basic landmarks of what we call a cancer epidemiology,
the study of disease distribution and risk
in human populations. What’s known about
exposure and cancer? Why do we even make this link? And I’m going to touch
on a Presidential Report that had implications
for a global cancer health. The report was focused
on chemicals in cancer. And then talk a little
bit about the challenges that we face in
the 21st century. So what are the landmarks
in our understanding about how environment causes
cancer in human beings? In the 19th century,
cancer was somewhat unusual because people didn’t
live that long. And when it occurred, it was
generally considered incurable. 20th century, fast
forward to about mid part of the 20th century,
much of human epidemiology, particularly in Europe
and North America, shifted from the study of
infectious diseases, flu, pneumonia, diarrhea, to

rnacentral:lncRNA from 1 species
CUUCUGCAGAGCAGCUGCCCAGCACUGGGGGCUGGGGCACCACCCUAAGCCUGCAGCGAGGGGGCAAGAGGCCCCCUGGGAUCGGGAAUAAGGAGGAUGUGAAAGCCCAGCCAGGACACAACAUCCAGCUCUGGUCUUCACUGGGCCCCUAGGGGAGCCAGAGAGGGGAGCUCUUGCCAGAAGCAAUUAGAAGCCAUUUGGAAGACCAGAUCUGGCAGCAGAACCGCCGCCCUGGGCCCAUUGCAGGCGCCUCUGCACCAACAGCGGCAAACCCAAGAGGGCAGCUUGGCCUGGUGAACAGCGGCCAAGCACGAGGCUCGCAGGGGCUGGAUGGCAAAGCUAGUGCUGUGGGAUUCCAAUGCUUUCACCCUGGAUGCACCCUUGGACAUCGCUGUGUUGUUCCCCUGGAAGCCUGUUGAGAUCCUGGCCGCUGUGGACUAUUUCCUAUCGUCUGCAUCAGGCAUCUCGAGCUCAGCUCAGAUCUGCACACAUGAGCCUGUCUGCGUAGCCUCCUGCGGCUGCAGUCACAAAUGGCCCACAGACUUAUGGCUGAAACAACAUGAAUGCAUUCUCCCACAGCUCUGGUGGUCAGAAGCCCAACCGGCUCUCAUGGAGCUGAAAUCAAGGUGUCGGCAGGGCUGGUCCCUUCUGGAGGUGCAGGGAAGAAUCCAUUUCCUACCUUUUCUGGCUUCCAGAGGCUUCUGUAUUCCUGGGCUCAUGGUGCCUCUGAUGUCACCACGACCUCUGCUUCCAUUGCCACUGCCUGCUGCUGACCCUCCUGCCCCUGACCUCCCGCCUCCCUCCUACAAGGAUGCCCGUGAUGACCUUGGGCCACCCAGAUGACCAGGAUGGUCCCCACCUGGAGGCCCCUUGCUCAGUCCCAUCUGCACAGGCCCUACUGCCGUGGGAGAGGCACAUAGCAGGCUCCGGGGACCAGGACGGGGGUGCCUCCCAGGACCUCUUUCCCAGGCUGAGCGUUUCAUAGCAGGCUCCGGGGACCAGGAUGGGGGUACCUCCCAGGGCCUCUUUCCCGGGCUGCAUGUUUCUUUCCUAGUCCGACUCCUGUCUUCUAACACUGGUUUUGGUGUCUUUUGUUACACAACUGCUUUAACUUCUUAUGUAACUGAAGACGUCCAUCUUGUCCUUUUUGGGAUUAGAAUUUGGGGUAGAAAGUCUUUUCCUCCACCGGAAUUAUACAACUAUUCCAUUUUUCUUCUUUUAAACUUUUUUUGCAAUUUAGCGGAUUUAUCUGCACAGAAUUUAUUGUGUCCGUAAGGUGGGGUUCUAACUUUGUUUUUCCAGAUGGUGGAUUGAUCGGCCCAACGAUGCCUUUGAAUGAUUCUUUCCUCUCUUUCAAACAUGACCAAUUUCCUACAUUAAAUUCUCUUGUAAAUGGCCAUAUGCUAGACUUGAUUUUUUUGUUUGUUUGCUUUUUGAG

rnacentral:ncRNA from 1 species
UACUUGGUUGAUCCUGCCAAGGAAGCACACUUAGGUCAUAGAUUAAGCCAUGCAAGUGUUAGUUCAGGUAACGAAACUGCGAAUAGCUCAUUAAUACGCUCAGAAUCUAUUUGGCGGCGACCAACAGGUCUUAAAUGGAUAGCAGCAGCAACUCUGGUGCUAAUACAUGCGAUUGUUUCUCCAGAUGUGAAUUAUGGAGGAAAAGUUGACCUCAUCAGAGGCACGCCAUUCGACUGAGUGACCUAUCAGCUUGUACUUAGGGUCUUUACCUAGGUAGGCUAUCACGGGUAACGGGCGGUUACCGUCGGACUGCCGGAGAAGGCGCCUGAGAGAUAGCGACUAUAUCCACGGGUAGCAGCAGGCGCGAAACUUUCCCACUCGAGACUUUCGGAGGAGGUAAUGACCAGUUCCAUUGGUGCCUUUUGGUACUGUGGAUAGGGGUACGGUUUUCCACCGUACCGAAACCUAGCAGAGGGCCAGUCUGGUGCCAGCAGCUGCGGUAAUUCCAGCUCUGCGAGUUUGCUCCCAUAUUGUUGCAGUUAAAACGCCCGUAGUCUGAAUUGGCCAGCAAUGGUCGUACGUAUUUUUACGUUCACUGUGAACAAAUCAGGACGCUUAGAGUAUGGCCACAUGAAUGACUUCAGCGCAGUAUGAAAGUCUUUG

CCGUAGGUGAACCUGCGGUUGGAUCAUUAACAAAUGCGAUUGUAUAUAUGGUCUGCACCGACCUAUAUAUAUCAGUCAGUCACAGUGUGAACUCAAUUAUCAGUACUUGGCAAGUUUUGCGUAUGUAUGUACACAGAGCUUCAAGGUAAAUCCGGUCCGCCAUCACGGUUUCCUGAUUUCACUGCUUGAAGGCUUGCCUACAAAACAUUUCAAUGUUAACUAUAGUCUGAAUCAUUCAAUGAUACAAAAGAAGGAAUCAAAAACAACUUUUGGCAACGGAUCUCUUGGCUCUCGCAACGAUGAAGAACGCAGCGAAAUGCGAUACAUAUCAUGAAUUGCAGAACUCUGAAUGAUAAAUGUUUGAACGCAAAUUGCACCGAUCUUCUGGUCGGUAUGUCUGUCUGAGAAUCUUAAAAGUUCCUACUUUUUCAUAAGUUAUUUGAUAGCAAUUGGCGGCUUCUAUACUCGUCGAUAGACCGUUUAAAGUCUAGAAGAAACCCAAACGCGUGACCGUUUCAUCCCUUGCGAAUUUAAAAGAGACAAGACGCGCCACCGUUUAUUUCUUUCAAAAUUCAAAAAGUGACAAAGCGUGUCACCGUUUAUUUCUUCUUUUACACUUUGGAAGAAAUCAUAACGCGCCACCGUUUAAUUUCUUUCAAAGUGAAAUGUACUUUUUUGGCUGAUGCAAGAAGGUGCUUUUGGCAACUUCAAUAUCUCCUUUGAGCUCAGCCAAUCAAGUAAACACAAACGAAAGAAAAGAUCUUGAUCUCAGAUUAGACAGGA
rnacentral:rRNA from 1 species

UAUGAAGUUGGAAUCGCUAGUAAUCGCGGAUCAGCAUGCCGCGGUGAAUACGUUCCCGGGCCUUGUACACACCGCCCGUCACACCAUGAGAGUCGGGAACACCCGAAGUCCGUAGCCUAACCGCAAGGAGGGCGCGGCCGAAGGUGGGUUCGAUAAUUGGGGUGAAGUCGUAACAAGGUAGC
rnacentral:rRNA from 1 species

chronic disease, ie now cancer. And then after World War
II, cardiovascular disease. So you can see this
epidemiologic shift in what causes morbidity
and mortality in countries across the world as we move
from infectious causes of death and perinatal and
childhood respiratory infection and diarrhea
to chronic disease. Well, cancer is one of
those chronic diseases. So exposures to
tobacco, diet, and some environmental chemicals–
so that was about the time when researchers first
entertained the possibility that cancer can be prevented
because we understand the cause. You can’t prevent something you
don’t understand the cause of. So the late 20th century, early
21st century where we are now, epidemiologic studies have